President of Ennahdha Rached Al-Ghannouchi, referred to by some as “Sheikh” (Muslim scholar), did not shy away from declaring a separation between religion and politics during the party’s 10th congress in 2016. Al-Ghannouchi labeled the decision as “specialization” whereby the party dissociates itself from religion and any use of it in politics.


Ennahdha follows other pro-Islamist parties

The Tunisian pro-Islamist party has recently joined the camp of post-Islamism similar to Al-Wasat party in Egypt, AKP in Turkey, and the JDP in Morocco. Asef Bayat defines post-Islamism, a term that he coined, as follows:

By post Islamism I mean a condition where, following a phase of experimentation, the appeal, energy, symbols, and sources of legitimacy of Islamism get exhausted, even among its once ardent supporters…post-Islamism is not anti-Islamic, but rather reflects a tendency to resecularize religion…it is marked by a call to limit the political role of religion.

No doubt, initially, Ennahdha’s shift towards post-Islamism appears to be a result of a 5-year experiment during which the party realized the failure of its political Islam between 2011 and 2016. While in its first days in power, Ennahdha leaders called for the 6th caliphate, stating that Salafists remind them of their youth, and declared that they target youth in order to change society. These statements were made between during 2011 and 2013 during Ennahdha’s heyday when it used religious rhetoric and religion to appeal to the masses.

By the end of 2013, it was clear that the party had failed to earn the public’s trust on issues of terrorism and stability; Ennahdha was attacked by its rivals for it was seen as a threat to the nature of the Tunisian society.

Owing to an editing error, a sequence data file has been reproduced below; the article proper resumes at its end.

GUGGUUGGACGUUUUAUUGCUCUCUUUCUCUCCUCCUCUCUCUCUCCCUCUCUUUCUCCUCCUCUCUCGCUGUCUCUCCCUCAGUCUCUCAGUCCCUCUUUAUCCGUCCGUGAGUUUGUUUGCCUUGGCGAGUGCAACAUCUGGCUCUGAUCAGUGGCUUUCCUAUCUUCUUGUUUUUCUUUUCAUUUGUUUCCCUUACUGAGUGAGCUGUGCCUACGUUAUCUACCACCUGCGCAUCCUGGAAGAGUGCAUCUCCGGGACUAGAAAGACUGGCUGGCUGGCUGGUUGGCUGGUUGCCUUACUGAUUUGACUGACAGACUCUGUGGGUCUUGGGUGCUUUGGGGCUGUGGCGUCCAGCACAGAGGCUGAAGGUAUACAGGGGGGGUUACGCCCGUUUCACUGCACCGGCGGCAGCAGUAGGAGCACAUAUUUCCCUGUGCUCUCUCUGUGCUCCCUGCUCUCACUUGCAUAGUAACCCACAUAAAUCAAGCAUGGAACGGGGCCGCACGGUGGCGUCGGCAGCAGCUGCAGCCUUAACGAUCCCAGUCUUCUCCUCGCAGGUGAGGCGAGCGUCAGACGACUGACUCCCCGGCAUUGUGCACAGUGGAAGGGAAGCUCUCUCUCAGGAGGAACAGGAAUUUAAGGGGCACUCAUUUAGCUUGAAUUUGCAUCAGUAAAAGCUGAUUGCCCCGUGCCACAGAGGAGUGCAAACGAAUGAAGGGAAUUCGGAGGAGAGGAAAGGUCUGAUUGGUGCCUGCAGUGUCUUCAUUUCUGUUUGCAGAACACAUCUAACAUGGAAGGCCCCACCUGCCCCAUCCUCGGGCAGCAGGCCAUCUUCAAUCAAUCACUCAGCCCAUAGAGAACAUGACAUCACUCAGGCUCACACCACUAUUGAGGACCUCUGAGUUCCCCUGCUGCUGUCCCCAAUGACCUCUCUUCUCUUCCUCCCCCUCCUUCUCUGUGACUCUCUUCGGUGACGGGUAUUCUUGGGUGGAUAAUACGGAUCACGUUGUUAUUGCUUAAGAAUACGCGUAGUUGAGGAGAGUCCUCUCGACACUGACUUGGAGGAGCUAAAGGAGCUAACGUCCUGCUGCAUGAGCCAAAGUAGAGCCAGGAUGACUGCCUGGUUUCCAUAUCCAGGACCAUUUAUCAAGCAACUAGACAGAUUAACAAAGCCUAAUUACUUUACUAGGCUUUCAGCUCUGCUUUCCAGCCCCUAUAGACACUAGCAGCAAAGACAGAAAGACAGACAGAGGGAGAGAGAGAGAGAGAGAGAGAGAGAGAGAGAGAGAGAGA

Factors that pushed towards post-Islamism


In Tunisia, it appears that the more challenges the Islamists face while in power, the more ‘moderate’ they become.

Overall, moving from Islamism (Ennahdha from 2011 to 2013) to Post-Islamism (Ennahdha from 2013 to present) required more political openness and a belief in the importance of consensus. This was Ennahdha’s trademark after 2013.

The party leader, Rached Al-Ghannouchi, stressed the importance of consensus even in 2011. Yet, to prove that his party is no more the persona non grata of Tunisia’s political scene, he played the consensus card with almost all rivals, most notably in his shift from criticizing Nidaa Tounes and Beji Caid Essebsi to forming a political alliance with the latter.

Political polarization was not a part of Ennahdha’s agenda, and its leaders distanced themselves from the orbit of the Muslim Brotherhood or any other transnational organization to regain Tunisians’ trust and to reassure them that Ennahdha’s project was a Tunisian one par excellence.

While in power, both during the time of Troika and in its alliance with Nidaa Tounes, Ennahdha gradually learned how to transcend the ideological divide with other political actors and did not dip into its reservoir of Islamist rhetoric. The Islamist “appeal, energy, and symbols” which Ennahdha used in 2011 were no longer from 2013 onwards, and most importantly, these developments have called into question the famous dictum “Islam is the solution.

2-Intellectual growth and pragmatism